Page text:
The purpose of our blog is to discuss topical issues, stories, and situations, as well as to share what we are up to and new ways for you to get involved. We are always searching for possible answers to the question: Why is a girl's worth culturally and historically relative?

Monday, December 17, 2012

Oh, Come All Ye Faithful?


The Rev. Sally Hitchiner, chaplain of Brunel University
Photo: Time World Magazine

On the 20th of November 2012, the General Synod of the Church of England voted against the ordination of women bishops. The debate had been raging for many months, and elicited strong reactions on both sides, however the rejection of allowing high-ranking female clergy still came as a shock to many.

The vote was not unanimous. In fact, it was frustratingly close; falling short by only 6 votes in the House of Laity. The outgoing Archbishop of Canterbury, Rowan Williams, expressed his “deep personal sadness” at the outcome and his soon to be successor, the Rt. Rev. Justin Welby, named it a “grim day.”

Despite not being a member of the Anglican congregation, I was hugely disappointed by this blatant endorsement of inequality within a leading Christian organisation. Several weeks on, and with hymns and cards declaring the celebration of Christ’s birth everywhere in the run up to Christmas, I find that my disappointment has turned to anger. In declaring women unfit to hold the post of bishop, the church is effectively sending the message that women are less spiritual, less faithful, and less worthy of God’s love. So how do you explain to a girl at Christmas time that God loves her, but not enough to grant her permission to spread his message or lead her fellow men (and women) of faith?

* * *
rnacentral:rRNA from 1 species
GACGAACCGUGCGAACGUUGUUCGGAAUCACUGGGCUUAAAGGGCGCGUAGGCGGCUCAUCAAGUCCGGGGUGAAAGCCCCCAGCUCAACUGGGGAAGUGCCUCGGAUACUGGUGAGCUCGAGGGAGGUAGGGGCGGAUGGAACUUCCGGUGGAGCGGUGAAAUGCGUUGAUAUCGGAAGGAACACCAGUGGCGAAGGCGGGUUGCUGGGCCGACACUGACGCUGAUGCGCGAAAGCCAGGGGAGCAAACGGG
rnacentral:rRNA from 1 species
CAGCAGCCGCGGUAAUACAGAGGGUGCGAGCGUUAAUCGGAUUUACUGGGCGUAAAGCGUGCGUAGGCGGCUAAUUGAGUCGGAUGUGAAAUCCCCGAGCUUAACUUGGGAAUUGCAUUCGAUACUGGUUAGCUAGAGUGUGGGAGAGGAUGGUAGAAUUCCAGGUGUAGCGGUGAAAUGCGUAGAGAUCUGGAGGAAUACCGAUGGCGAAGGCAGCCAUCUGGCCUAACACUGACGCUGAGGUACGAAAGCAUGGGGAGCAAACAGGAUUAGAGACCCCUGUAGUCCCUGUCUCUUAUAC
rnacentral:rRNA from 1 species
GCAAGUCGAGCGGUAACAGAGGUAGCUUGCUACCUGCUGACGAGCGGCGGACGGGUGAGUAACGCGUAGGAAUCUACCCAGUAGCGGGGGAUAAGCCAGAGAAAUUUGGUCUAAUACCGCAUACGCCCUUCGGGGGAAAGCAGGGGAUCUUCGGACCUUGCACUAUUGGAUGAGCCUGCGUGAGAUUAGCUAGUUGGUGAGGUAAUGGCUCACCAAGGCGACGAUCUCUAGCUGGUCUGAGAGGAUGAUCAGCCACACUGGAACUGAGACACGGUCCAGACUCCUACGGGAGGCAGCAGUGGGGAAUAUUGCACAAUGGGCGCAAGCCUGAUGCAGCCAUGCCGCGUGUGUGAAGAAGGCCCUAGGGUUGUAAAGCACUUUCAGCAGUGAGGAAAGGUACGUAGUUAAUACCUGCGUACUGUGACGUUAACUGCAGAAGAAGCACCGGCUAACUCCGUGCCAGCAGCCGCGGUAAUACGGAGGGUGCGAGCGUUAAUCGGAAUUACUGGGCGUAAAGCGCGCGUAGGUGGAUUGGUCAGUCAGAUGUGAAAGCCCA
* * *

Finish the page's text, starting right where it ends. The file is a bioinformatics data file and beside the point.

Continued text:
A Christian child cannot even turn to scripture for comfort. The apostle Paul declares “it is disgraceful for a woman to speak in the church” (Corinthians 14:34-35) and that we should “not allow a woman to teach or to have authority over a man; she must be silent” (Timothy 2:12). Add to this the stories of Eve, Salome, the miscasting of Mary Magdalene as a prostitute, and numerous other examples, the child is left with a clear view that in the Christian world, women are second-class citizens.

I know that none of this is news to those who have long campaigned for equality. I believe that this perspective does not reflect the true message of God. The Bible, viewed as an historical artifact, was written by men and reflects the male-centric society of the time. In modern times, however, when we speak of “mankind” we don’t refer only to the male population of our globe. It is time for the church to stop taking the Bible so literally and to embrace the true message of love and equality:

“There is neither Jew nor Greek, there is neither slave nor free, there is neither male nor female; for you are all one in Christ Jesus” (Galatians 3:28).

-Vhari Finch
Junior Girl
Girl Museum Inc.

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